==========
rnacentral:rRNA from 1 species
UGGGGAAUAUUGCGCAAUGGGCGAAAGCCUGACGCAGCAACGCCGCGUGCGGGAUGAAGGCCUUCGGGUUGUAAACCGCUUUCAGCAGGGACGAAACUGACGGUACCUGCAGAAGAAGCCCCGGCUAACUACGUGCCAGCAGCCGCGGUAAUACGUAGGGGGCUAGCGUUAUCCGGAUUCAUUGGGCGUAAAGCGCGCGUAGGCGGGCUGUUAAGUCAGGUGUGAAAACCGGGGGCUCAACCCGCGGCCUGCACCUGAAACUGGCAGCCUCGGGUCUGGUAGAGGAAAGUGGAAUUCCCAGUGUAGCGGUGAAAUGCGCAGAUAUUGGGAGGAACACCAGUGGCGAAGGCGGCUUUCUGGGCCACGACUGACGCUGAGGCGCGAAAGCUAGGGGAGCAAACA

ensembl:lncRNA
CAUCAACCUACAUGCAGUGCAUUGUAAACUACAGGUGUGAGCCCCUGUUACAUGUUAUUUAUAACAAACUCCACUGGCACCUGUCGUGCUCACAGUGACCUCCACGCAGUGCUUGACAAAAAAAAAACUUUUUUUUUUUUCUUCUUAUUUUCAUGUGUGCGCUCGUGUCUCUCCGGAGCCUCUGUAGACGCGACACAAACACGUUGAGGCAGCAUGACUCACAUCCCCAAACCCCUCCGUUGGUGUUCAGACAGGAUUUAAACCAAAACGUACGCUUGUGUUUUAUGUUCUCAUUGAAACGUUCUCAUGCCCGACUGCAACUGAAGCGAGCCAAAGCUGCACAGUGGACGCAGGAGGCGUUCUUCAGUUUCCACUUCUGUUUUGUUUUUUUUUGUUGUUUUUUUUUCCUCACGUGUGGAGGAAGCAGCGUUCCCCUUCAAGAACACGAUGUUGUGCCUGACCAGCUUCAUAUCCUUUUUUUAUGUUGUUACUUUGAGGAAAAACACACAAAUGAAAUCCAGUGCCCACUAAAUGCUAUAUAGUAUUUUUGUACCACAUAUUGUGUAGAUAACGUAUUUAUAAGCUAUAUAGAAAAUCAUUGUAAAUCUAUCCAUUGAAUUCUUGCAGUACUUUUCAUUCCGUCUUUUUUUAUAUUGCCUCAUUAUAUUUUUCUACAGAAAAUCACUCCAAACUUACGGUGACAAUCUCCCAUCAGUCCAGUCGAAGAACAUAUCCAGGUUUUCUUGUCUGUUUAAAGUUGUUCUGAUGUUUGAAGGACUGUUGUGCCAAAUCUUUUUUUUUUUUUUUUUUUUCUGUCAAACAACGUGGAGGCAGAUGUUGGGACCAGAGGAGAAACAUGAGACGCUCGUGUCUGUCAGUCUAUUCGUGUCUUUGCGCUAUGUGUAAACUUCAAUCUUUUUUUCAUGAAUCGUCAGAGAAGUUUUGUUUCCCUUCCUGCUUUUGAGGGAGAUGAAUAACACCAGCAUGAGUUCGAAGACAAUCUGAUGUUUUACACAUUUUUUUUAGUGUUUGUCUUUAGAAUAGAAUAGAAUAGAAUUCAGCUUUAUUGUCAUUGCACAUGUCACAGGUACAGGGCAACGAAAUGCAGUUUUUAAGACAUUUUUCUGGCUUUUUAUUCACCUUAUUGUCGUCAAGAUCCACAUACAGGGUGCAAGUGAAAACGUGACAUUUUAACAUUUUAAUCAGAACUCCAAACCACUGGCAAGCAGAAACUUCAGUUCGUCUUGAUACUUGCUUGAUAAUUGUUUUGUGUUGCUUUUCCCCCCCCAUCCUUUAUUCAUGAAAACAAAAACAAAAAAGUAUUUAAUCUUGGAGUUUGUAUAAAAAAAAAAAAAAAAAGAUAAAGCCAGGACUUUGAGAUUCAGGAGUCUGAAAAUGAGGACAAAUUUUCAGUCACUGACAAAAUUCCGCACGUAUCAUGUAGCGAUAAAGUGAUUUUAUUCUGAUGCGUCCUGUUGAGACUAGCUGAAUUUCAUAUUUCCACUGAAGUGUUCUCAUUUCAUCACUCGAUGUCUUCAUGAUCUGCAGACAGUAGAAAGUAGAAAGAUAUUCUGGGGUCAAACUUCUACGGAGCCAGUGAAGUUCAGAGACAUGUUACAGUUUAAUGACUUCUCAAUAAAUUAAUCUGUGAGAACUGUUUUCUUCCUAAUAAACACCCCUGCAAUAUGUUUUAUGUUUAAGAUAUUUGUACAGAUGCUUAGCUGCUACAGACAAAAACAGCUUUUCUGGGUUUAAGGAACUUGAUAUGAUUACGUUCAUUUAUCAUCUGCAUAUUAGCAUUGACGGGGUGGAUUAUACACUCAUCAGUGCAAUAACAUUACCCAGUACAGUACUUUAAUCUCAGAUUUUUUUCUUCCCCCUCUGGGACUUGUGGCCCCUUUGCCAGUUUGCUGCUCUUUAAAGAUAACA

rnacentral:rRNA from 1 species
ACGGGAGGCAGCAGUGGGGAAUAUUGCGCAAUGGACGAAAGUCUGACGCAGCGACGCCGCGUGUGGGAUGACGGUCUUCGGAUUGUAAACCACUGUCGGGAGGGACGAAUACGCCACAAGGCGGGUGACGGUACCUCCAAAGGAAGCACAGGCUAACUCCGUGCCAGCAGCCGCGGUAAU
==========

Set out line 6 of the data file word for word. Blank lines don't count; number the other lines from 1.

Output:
ACGGGAGGCAGCAGUGGGGAAUAUUGCGCAAUGGACGAAAGUCUGACGCAGCGACGCCGCGUGUGGGAUGACGGUCUUCGGAUUGUAAACCACUGUCGGGAGGGACGAAUACGCCACAAGGCGGGUGACGGUACCUCCAAAGGAAGCACAGGCUAACUCCGUGCCAGCAGCCGCGGUAAU